Boys just want to have fun

THERE is jolly good music. And there is good time music.

Then there is also the music from Johnny and the Prison Didn't Help Boys.

This South Yorkshire outift have one thing in mind when they take to the stage... to leave everyone smiling.

Lively, foot-stomping, spirit lifting music. That is the staple diet of this outfit, led by Geordie Johnny Fuller.

He remarked: "It's important to remember audiences want to be entertained and have fun.

"And that is what Johnny and the Boys is all about: making sure people have a good time."

They came together in late 2003 during sessions at Sheffield's Fagan's pub , on Broad Lane, a hotbed for talented musicians to gather and swap tunes, songs and ideas. It has been a regular haunt for Johnny since he moved back to this area in the mid 80s.

He added: "I had been writing some songs and performed them during Monday night session in Fagan's. Several people asked who had written them, so I supposed they had made something of a mark.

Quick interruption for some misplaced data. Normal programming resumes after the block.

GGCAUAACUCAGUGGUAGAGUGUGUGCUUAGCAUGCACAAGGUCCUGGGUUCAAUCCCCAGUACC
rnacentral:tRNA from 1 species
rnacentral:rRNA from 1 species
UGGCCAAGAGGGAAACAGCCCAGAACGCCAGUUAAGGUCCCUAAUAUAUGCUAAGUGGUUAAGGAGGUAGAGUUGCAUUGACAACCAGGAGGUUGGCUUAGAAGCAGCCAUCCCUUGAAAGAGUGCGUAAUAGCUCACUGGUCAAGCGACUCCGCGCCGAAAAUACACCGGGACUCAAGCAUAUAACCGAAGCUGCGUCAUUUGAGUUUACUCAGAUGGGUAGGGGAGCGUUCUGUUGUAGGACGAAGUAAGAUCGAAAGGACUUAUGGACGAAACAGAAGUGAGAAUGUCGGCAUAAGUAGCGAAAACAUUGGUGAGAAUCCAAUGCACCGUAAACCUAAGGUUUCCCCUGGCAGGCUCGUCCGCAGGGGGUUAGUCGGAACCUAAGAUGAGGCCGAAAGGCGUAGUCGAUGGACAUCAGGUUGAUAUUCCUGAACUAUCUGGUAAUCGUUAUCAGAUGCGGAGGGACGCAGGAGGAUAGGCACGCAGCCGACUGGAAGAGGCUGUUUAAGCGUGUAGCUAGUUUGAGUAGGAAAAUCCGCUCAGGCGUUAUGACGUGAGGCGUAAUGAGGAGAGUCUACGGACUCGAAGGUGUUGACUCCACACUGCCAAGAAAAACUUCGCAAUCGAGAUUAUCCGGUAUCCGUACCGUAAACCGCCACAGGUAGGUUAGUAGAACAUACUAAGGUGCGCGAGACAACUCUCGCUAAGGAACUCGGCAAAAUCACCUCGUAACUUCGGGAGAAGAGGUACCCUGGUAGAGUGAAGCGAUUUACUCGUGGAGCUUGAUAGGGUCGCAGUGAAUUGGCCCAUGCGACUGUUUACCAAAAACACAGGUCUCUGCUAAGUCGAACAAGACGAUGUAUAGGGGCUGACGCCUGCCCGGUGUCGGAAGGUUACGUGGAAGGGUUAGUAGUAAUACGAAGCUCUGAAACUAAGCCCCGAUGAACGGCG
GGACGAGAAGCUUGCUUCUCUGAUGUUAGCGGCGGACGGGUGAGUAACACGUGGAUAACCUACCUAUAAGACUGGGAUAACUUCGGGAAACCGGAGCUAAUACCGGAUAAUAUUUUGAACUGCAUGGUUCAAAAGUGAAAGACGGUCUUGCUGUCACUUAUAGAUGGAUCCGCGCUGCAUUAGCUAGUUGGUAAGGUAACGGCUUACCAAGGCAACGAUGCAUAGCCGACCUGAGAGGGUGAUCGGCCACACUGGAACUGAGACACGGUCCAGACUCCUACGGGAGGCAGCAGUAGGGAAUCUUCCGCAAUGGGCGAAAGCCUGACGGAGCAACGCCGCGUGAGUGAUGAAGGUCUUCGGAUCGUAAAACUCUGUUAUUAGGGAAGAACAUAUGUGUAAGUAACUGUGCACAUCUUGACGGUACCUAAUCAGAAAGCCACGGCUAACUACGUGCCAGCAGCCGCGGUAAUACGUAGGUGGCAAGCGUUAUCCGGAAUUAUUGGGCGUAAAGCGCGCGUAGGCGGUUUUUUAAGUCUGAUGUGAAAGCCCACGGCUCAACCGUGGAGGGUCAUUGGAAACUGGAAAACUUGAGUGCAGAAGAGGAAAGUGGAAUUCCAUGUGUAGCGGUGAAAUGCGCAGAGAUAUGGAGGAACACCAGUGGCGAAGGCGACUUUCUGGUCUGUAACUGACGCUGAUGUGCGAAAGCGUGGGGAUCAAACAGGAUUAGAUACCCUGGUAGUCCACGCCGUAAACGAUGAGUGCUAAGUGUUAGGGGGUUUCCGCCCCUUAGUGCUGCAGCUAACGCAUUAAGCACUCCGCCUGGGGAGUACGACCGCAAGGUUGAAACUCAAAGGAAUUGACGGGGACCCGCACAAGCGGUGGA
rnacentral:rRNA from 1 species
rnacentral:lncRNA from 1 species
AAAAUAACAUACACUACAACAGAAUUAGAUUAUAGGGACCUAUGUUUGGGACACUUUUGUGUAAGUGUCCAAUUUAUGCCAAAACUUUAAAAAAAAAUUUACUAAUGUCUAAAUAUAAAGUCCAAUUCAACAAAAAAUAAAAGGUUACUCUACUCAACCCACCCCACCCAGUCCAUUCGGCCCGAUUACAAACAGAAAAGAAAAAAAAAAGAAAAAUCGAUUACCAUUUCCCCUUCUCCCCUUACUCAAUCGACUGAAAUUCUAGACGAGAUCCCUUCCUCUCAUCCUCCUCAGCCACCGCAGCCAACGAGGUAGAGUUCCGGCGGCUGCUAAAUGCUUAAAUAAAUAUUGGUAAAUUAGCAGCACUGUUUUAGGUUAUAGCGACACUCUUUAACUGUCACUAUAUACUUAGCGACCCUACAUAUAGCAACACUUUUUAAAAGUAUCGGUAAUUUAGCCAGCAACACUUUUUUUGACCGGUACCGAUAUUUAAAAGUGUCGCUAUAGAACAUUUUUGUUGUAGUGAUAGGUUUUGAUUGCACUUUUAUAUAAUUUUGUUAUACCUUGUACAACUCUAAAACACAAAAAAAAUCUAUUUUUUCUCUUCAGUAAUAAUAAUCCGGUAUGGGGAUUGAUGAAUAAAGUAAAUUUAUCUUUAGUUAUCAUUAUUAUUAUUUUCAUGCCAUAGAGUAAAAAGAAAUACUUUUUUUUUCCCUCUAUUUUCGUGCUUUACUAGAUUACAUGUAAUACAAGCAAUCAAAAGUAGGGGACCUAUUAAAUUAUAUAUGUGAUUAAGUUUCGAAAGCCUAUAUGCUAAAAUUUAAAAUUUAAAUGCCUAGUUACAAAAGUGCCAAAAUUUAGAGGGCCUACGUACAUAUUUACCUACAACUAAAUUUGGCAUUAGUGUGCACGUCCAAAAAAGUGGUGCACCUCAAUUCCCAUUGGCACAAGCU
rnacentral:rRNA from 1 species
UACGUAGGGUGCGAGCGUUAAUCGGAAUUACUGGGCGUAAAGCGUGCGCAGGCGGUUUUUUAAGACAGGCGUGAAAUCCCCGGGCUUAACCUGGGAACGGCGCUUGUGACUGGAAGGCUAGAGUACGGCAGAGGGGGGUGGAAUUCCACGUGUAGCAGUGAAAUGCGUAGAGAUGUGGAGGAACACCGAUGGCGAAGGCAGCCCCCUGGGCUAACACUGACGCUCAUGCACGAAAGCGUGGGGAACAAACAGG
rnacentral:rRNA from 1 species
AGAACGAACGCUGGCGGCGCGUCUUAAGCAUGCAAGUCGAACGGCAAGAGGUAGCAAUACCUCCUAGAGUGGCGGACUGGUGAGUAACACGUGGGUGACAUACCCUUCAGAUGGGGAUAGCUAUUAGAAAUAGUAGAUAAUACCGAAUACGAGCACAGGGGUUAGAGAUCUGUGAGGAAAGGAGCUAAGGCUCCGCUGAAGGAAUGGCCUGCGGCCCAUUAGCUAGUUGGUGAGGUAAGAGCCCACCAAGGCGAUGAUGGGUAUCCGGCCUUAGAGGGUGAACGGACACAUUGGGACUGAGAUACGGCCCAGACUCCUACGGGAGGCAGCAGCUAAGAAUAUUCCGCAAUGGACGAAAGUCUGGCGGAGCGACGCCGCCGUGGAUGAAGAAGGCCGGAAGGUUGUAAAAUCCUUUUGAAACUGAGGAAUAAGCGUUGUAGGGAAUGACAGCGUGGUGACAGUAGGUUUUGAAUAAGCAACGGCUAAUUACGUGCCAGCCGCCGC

"I recruited Fagan's regulars Trevor Thomas, Will Horns and Chris Coates to work on the songs and then we asked Smiley Dave Young to join."

The final, distinctive ingredient came when Country Dave Chang turned up one night at Fagan's with his erhu, a two-string Chinese fiddle. The sound captivated Johnny and the boys - and he was quickly signed up to join the outfit.

Debut album, I'm Not Dead Yet, brought together country, folk and old-timey music to create a brand new musical genre, which Johnny calls Geordicana.

Johnny and the Prison Didn't Help Boys are at the Rock@Maltby, Wesley Centre, Blyth Road, Maltby tonight.

They will be joined in the second half by Sheffield a capalle outfit The Fates, who comprise Bay Whitaker, Sue Cain, Tegwen Roberts and Peter Rophone.

Next Friday's guest will be Jackie Leven.

GUESTS at Chesterfield Folk Club tonight are The Wilson Family, a group of unaccompanied singes consisting of sister Pat and brothers Tom, Chris, Steve, Ken and Mike.

During the mid to late sixties, and throughout the seventies the "Folk Revival" was experiencing its most fruitful and expansive stage.

Support is by singer songwriter Neil Dalton, whose heroes are Jackson Browne, Steve Earle etc.

SINGING on the Folk Train, which leaves Sheffield Station, at 7.14pm on Tuesday, January 25,are local trio Skyhook. Music continues in the Rambler Country House Hotel, Edale.

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